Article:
On 12 March 2018, Mauritius celebrated fifty years as an independent nation amidst much fanfare. Yet behind the nation’s official image of multicultural ‘unity in diversity’ lurk deep socio-economic inequalities and inter-ethnic tensions that are insistently critiqued in its literature. Against this backdrop, this book analyses how the idea of belonging – a sense of attachment to, and identification with, a place or people – is problematised in a range of contemporary francophone Mauritian novels. The island-nation’s complex history and the multi-ethnic composition of its modern-day population mean that belonging is a central but fraught issue in both reality and fiction. Waters explores how diverse forms of affirmative, affective belonging intersect with, and are frequently inhibited by, exclusionary ‘politics of belonging’ at communal, national or international levels. Using an eclectic theoretical approach to the central concept of belonging, Waters offers in-depth textual analyses of novels by leading Mauritian writers Nathacha Appanah, Ananda Devi, Shenaz Patel, Bertrand de Robillard, Amal Sewtohul and Carl de Souza. Despite their thematic and formal diversity, these novels are shown to be characterised by a common rejection of dominant discourses of ethnic, diasporic affiliation and by a common commitment to the ongoing, future-orientated project of Mauritian nationhood. As such, this book offers an original insight into the dynamics of belonging and exclusion in diverse, multi-ethnic societies.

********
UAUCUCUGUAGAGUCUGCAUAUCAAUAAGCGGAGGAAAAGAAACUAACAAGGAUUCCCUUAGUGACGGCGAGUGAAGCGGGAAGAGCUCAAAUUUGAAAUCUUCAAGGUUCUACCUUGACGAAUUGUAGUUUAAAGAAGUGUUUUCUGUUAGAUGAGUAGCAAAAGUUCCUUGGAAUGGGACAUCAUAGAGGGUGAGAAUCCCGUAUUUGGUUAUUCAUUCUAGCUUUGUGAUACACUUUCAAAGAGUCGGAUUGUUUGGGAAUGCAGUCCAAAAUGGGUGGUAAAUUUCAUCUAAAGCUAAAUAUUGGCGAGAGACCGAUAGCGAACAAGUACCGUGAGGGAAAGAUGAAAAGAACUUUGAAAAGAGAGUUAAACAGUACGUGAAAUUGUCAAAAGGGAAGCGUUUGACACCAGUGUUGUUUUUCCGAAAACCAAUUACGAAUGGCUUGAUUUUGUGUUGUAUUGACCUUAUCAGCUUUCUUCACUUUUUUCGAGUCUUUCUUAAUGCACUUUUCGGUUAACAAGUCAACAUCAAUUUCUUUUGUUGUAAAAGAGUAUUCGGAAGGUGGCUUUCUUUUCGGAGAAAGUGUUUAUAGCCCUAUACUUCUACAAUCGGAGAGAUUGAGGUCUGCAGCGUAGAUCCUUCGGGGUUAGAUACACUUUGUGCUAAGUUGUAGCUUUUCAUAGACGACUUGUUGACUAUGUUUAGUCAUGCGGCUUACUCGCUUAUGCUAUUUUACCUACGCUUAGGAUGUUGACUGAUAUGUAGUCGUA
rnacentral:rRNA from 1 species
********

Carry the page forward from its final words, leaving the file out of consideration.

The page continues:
Julia Waters is Associate Professor of Modern French and Francophone Literature at the University of Reading.
Introduction: The Problem of Belonging in Mauritius
1. Belonging to the Moment: Carl de Souza’s Les Jours Kaya
2. Belonging to the Island: Nathacha Appanah’s Blue Bay Palace and Ananda Devi’s Ève de ses décombres
3. Belonging Nowhere: Shenaz Patel’s Le Silence des Chagos
4. Everyday Belonging: Bertrand de Robillard’s L’Homme qui penche and Une interminable distraction au monde
5. Nomadic Belonging: Amal Sewtohul’s Histoire d’Ashok et d’autres personnages de moindre importance and Made in Mauritius
Conclusion: Over the Rainbow
"In this insightful book, Julia Waters provides new perspectives to chart the Mauritian 21st century novel - these stimulating and provocative essays illustrate the challenge provided by both the varied subject matter and the critical lenses adopted."
Kumari R Issur, University of Mauritius
239 × 163 mm
November 30, 2018
Contemporary French and Francophone Cultures 56